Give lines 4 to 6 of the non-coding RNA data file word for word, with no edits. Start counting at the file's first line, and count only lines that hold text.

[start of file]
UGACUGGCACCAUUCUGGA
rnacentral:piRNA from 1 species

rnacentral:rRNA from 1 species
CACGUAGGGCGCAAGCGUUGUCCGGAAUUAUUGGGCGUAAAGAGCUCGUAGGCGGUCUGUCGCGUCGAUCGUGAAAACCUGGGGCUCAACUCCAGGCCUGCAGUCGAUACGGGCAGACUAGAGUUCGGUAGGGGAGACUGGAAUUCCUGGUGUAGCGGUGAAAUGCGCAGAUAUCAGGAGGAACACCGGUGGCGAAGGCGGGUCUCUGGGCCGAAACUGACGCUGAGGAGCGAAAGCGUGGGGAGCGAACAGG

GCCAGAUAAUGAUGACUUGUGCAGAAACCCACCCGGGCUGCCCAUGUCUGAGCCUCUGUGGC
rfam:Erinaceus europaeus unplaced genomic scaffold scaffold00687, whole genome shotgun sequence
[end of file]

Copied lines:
CACGUAGGGCGCAAGCGUUGUCCGGAAUUAUUGGGCGUAAAGAGCUCGUAGGCGGUCUGUCGCGUCGAUCGUGAAAACCUGGGGCUCAACUCCAGGCCUGCAGUCGAUACGGGCAGACUAGAGUUCGGUAGGGGAGACUGGAAUUCCUGGUGUAGCGGUGAAAUGCGCAGAUAUCAGGAGGAACACCGGUGGCGAAGGCGGGUCUCUGGGCCGAAACUGACGCUGAGGAGCGAAAGCGUGGGGAGCGAACAGG

GCCAGAUAAUGAUGACUUGUGCAGAAACCCACCCGGGCUGCCCAUGUCUGAGCCUCUGUGGC
rfam:Erinaceus europaeus unplaced genomic scaffold scaffold00687, whole genome shotgun sequence